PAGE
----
I don’t think this match measured up to their classic at Money In The Bank simply because of the Jeff Jarrett dynamic, but because these two teams know each other like the back of each other’s hands, they can’t have a bad match with each other. They still had appropriate levels of drama, and it had very good ebbs and flows. SmackDown’s ending suggested that The Usos are gonna get somehow screwed by the ref because of their inadvertent kick. But the story left after the match is if the Street Profits are gonna be splitting up soon. It’s been long rumored that Montez Ford will be soon billed as a singles competitor because of his in-ring talents and personality. It’s hard not to speculate once you see the look on his face after he lost. Also, if you look at how angry he was towards the end, it may indicate a subtle personality change on the horizon. Match was still high quality even with all the histrionics. ***3/4
Liv Morgan (C) def. Ronda Rousey – SmackDown Women’s Championship
I thought this was going to be Liv’s first major test as champion, but instead, this was instead used as a brief conduit towards Liv and Ronda’s eventual rematch. The match was nothing special considering it was only given about 5 minutes. And in those 5 or so minutes, the action was a little awkward. It was really just about Ronda effortlessly hitting her submission moves and Liv trying to escape. The finish was good in the sense that both women are protected, even if it comes at the expense of a brief, unspectacular effort. I’d expect some kind of stipulation for their next match. It’s also worth mentioning this is the second straight PPV where the excuse for a rematch between the same opponents will be because of incompetent refereeing. **
Roman Reigns (C) def. Brock Lesnar – Undisputed WWE Universal Championship (Last Man Standing)
If I were to conceive of what a Last Man Standing match should look like, this would probably be what it looks like. Two men doing everything in their power to keep their opponent down. Not just spamming their finishers and just hitting them with weapons. I mean doing everything conceivable. The things that Brock did with that tractor just took things to another level. Between him dumping Roman with it in the ring and tipping the ring over and flattening Roman on the outside…it was all magnificent. Some may call it cliche and a bit cartoonish, but when two men who have fought each other for Vince knows how long, and they somehow do things we haven’t seen them do before, it takes it to another level.
Everything about the match was great. The atmosphere set up a big fight feel. Roman comes out with his usual swagger. Lesnar means business and approaches the ring from a tractor and stares Roman down as if he’s King of the Jungle, and the match begins with him jumping down on him and wailing on him. As the match gradually got more violent, both men gradually got more desperate. Lesnar started using the tractor more. Roman started using every weapon he could find and had to summon every bit of strength just to keep getting up. The referee’s counts gradually became more heart pumping and you thought that either man could be down. Everything just hit a fever pitch.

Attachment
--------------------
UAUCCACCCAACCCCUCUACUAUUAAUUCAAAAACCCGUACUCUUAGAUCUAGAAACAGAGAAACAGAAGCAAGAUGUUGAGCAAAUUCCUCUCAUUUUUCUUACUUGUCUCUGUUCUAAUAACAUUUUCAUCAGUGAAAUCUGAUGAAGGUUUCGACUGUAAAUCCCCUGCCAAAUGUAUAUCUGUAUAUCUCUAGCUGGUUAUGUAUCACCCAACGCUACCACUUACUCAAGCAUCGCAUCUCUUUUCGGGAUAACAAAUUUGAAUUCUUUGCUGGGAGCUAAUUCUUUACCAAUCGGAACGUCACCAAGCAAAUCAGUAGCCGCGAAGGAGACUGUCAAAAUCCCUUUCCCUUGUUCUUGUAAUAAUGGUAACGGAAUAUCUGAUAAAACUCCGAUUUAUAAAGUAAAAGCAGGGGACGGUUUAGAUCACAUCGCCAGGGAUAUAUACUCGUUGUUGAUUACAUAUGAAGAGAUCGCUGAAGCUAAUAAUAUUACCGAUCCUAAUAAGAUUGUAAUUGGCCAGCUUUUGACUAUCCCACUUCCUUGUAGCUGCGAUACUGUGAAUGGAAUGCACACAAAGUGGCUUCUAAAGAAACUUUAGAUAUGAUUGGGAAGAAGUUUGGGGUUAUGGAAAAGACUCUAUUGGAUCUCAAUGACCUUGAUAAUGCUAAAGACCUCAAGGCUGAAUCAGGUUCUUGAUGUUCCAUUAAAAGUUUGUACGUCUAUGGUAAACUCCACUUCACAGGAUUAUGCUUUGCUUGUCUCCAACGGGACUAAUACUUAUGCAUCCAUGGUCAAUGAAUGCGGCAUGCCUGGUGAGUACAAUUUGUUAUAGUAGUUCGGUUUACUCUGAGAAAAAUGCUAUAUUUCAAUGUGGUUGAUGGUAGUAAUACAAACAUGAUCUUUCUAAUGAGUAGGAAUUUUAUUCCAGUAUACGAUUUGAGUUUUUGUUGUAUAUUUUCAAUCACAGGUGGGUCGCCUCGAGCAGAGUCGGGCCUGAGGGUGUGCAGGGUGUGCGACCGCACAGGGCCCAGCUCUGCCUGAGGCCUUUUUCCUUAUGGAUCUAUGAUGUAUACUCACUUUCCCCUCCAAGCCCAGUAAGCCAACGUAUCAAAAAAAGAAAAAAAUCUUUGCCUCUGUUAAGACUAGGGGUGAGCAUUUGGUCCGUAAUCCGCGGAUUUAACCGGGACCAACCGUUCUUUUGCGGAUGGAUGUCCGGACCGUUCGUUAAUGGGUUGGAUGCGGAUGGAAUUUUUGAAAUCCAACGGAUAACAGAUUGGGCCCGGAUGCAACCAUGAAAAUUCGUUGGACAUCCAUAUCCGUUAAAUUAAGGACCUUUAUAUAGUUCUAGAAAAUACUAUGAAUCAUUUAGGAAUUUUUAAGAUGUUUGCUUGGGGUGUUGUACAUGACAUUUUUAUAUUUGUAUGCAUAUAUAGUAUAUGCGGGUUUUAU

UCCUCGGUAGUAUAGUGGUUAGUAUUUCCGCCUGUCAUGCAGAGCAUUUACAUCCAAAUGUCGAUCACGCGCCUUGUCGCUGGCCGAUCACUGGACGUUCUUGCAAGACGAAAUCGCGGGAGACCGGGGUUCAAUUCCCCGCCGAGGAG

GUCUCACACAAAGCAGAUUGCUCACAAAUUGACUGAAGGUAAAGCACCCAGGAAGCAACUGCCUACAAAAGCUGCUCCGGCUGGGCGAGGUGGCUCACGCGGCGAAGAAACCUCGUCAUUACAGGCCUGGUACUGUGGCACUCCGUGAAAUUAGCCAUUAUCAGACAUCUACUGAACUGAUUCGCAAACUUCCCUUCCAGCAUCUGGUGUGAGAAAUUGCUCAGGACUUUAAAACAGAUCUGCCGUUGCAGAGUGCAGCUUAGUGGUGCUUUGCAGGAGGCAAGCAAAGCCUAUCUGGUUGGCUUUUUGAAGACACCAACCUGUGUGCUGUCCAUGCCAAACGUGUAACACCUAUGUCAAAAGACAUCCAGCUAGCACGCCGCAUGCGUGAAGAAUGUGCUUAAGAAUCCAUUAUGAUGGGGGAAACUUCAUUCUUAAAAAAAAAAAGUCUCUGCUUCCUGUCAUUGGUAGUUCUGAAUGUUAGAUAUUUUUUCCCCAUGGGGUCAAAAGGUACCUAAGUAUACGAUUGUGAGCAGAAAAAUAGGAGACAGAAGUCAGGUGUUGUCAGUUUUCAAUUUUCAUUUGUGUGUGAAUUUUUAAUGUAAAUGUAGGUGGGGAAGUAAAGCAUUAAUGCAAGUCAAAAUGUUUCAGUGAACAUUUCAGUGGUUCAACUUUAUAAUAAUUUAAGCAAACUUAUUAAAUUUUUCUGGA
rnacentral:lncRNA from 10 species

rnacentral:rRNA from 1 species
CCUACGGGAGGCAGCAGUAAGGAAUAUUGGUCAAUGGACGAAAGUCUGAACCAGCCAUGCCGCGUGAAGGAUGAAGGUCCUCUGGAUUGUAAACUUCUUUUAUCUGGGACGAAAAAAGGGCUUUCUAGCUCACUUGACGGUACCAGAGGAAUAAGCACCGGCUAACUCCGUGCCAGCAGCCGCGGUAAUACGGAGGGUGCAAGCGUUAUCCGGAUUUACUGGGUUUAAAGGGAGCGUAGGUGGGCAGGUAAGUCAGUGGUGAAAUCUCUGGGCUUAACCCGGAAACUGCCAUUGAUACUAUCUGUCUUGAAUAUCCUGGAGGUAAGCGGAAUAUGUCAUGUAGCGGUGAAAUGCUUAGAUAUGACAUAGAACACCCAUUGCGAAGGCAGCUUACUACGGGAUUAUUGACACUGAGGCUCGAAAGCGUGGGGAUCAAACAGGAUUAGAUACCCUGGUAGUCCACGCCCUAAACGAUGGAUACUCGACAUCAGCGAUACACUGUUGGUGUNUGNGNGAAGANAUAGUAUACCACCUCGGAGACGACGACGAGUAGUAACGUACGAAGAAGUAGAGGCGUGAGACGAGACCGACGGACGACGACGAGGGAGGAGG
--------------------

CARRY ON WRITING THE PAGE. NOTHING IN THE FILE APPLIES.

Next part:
Then, we had the Theory run-in. We pretty much all knew this cash-in was going to be unsuccessful, or if he did cash it in, he was not walking out as champion. But I’m wondering what was going through Theory’s mind. The ring is tipped over, and you can only become champion by pinning or submitting Lesnar and Roman in the ring. It’s not Falls Count Anywhere. So what was he planning to do? Perhaps that’s an example of his youth and inexperience at work, which actually would work well for storyline purposes. Sure enough he failed, and then we come down to the final sequence, where Lesnar puts to rest his manager of about two decades, and then Roman does everything in his power to keep him down before he ceremoniously buries him under a mountain of rubble, and stands on top, finger to the sky, signaling to him that his reign his over, and that he is the top dog in WWE, and that their rivalry is over.
Lesnar and Roman have had quite a journey from the first time they crossed paths in 2015, and I don’t think WWE could have done their final match (let’s hope it is) much better. It’s the culmination of 7 years of back and forth, character transformation, manager switches, and drama. I don’t know if Lesnar is officially done in WWE with Vince McMahon no longer at the helm as evidenced by his walk-out, but if it was, then that’s a hell of a way to go out. Now we look to September, where Drew will have a massive home field advantage and look to get the moment that was taken away from him two and a half years ago. But for tonight, a phenomenal main event, a match of the year candidate, and a perfect final chapter of Roman vs. Lesnar ****3/4
WWE’s first PPV in the post Vince McMahon era was their second biggest show of the year, and I think they passed the first test. Yes, there were no title changes and yes, the card was mostly rematches from the previous 3 PPV’s. But we still had very good matches from the start of the show and the main event, drama-filled returns, and potential new storylines to look forward to as we head towards the fall. Belair/Lynch, Miz/Paul, Street Profits/Usos and the main event I think will give you your money’s worth, and that’s not including Edge and Bayley’s returns. This new format WWE has on PPV has been working, because each match is getting time to tell its own story, and each PPV has had around two matches I’d at least watch again. Summerslam was a huge stage, and there were plenty of huge moments. So I have to go thumbs up. Not the greatest show ever, but if you have four hours to burn, I think you’ll be pleased.